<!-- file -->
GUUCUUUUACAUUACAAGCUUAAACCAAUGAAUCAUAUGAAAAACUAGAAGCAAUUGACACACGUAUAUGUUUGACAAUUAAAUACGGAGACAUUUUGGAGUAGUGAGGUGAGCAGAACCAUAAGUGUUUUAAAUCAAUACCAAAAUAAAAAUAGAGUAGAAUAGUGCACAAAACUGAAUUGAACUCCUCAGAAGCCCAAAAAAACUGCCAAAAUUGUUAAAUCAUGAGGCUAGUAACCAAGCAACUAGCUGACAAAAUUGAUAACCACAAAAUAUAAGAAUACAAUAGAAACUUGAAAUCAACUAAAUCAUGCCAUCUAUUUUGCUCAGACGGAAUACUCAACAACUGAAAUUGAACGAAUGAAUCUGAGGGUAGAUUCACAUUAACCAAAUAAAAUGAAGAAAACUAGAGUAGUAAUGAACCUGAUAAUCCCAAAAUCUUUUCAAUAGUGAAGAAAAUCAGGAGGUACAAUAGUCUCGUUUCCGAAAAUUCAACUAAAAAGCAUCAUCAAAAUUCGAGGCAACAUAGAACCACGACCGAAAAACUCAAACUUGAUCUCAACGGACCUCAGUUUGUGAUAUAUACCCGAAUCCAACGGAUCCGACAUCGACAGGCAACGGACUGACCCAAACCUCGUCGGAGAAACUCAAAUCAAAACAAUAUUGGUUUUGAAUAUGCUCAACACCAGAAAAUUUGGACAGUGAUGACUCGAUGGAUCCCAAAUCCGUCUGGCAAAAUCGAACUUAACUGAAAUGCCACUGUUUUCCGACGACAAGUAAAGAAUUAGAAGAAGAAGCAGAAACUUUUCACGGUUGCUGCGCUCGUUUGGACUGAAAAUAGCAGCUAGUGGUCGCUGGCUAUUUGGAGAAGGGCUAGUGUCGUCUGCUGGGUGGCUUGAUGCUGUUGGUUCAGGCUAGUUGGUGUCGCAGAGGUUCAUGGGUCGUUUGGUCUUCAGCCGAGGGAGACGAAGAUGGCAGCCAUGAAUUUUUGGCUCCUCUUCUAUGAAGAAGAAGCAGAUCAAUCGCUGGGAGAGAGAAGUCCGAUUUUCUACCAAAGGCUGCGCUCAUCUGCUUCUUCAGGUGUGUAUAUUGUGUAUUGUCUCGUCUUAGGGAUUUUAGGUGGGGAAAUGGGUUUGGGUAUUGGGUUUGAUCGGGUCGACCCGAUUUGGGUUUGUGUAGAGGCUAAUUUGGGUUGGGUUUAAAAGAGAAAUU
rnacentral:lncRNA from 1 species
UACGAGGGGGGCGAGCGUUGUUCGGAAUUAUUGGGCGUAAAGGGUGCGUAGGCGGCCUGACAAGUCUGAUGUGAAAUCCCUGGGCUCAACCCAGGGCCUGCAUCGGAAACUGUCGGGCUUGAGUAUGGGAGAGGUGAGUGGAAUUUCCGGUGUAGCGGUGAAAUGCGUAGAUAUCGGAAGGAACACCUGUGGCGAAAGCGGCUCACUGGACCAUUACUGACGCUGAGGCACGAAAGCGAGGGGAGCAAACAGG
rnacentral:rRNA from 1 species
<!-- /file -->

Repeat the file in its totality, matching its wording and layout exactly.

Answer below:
GUUCUUUUACAUUACAAGCUUAAACCAAUGAAUCAUAUGAAAAACUAGAAGCAAUUGACACACGUAUAUGUUUGACAAUUAAAUACGGAGACAUUUUGGAGUAGUGAGGUGAGCAGAACCAUAAGUGUUUUAAAUCAAUACCAAAAUAAAAAUAGAGUAGAAUAGUGCACAAAACUGAAUUGAACUCCUCAGAAGCCCAAAAAAACUGCCAAAAUUGUUAAAUCAUGAGGCUAGUAACCAAGCAACUAGCUGACAAAAUUGAUAACCACAAAAUAUAAGAAUACAAUAGAAACUUGAAAUCAACUAAAUCAUGCCAUCUAUUUUGCUCAGACGGAAUACUCAACAACUGAAAUUGAACGAAUGAAUCUGAGGGUAGAUUCACAUUAACCAAAUAAAAUGAAGAAAACUAGAGUAGUAAUGAACCUGAUAAUCCCAAAAUCUUUUCAAUAGUGAAGAAAAUCAGGAGGUACAAUAGUCUCGUUUCCGAAAAUUCAACUAAAAAGCAUCAUCAAAAUUCGAGGCAACAUAGAACCACGACCGAAAAACUCAAACUUGAUCUCAACGGACCUCAGUUUGUGAUAUAUACCCGAAUCCAACGGAUCCGACAUCGACAGGCAACGGACUGACCCAAACCUCGUCGGAGAAACUCAAAUCAAAACAAUAUUGGUUUUGAAUAUGCUCAACACCAGAAAAUUUGGACAGUGAUGACUCGAUGGAUCCCAAAUCCGUCUGGCAAAAUCGAACUUAACUGAAAUGCCACUGUUUUCCGACGACAAGUAAAGAAUUAGAAGAAGAAGCAGAAACUUUUCACGGUUGCUGCGCUCGUUUGGACUGAAAAUAGCAGCUAGUGGUCGCUGGCUAUUUGGAGAAGGGCUAGUGUCGUCUGCUGGGUGGCUUGAUGCUGUUGGUUCAGGCUAGUUGGUGUCGCAGAGGUUCAUGGGUCGUUUGGUCUUCAGCCGAGGGAGACGAAGAUGGCAGCCAUGAAUUUUUGGCUCCUCUUCUAUGAAGAAGAAGCAGAUCAAUCGCUGGGAGAGAGAAGUCCGAUUUUCUACCAAAGGCUGCGCUCAUCUGCUUCUUCAGGUGUGUAUAUUGUGUAUUGUCUCGUCUUAGGGAUUUUAGGUGGGGAAAUGGGUUUGGGUAUUGGGUUUGAUCGGGUCGACCCGAUUUGGGUUUGUGUAGAGGCUAAUUUGGGUUGGGUUUAAAAGAGAAAUU
rnacentral:lncRNA from 1 species
UACGAGGGGGGCGAGCGUUGUUCGGAAUUAUUGGGCGUAAAGGGUGCGUAGGCGGCCUGACAAGUCUGAUGUGAAAUCCCUGGGCUCAACCCAGGGCCUGCAUCGGAAACUGUCGGGCUUGAGUAUGGGAGAGGUGAGUGGAAUUUCCGGUGUAGCGGUGAAAUGCGUAGAUAUCGGAAGGAACACCUGUGGCGAAAGCGGCUCACUGGACCAUUACUGACGCUGAGGCACGAAAGCGAGGGGAGCAAACAGG
rnacentral:rRNA from 1 species